The U.S. military has invested a lot of money into its efforts to maintain dominance in air combat. An F-15 Eagle can cost up to $30 million, a single F-22 Raptor comes with a price tag of $150 million, and an F-35 Lighting ranges from $1.24 million to $1.56 million. But for all that money, there is a deplorable gap in the capability of our aircraft and resources to share data.
An effort is in the works to bring leaders from each of the DOD branches together with pioneers in industry and academia, in order to develop what is being called the “combat cloud,” a means to share data across aircraft, ships and satellites. The concept of the “combat cloud” is based on the idea of commercial clouds, commonly used to access and share data across different devices including smartphones, laptops, DVRs and other devices.
The “combat cloud” is still in the concept stage. The largest obstacle to the development of such a program mainly revolves around defending the system from intrusion. While it would be highly beneficial to have all of our air resources sharing and accessing data, there is the realistic threat that the data could be accessed by unfriendly units, or even worse, misinformation could be uploaded into the “combat cloud” by the enemy.
The ultimate success of implementing a usable “combat cloud” is likely to take a decade or so to be completed. The program is looking for a way to connect fighters, intelligence aircraft, satellites, ships and helicopters to form an overarching network of data that each platform could add to and access, even during missions.
Currently, the Navy is attempting to connect its forces via the Naval Integrated Fire Control Counter Air (Nifca) plan that networks its ships and aircraft to protect assets at sea from attack.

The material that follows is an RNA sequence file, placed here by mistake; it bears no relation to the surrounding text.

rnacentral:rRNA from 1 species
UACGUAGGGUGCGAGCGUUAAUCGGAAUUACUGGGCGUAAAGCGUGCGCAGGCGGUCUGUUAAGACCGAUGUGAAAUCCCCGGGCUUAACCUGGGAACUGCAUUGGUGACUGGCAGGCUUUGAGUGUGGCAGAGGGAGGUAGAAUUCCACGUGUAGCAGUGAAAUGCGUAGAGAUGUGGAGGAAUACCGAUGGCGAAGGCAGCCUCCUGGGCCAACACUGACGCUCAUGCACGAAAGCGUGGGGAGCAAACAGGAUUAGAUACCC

The Air Force’s fleet of aircraft was not designed to interconnect. Cut backs and programmatic delays mean F-22s and F-35s will be fighting alongside fourth-generation F-15’s and F-16’s beyond 2030. The branch is trying to come up with the most effective way to link its multi-era fleet. The Air Force’s Electronic Systems Center at Hanscom AFB, MA is planning to release a request for information for industry for a gateway between their different era aircraft.
Many in the aviation community believe that a data sharing system of some sort is an easy fix and could be done in a matter of months. But with DOD cutbacks and the scaling down of other major projects, the “combat cloud” could take a back seat to other areas that desperately need funding. For now, Washington isn’t convinced that there are any unfriendly countries that pose a reasonable threat to the U.S. military’s dominance of the air.
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Military Connection: The “Combat Cloud” By Debbie Gregory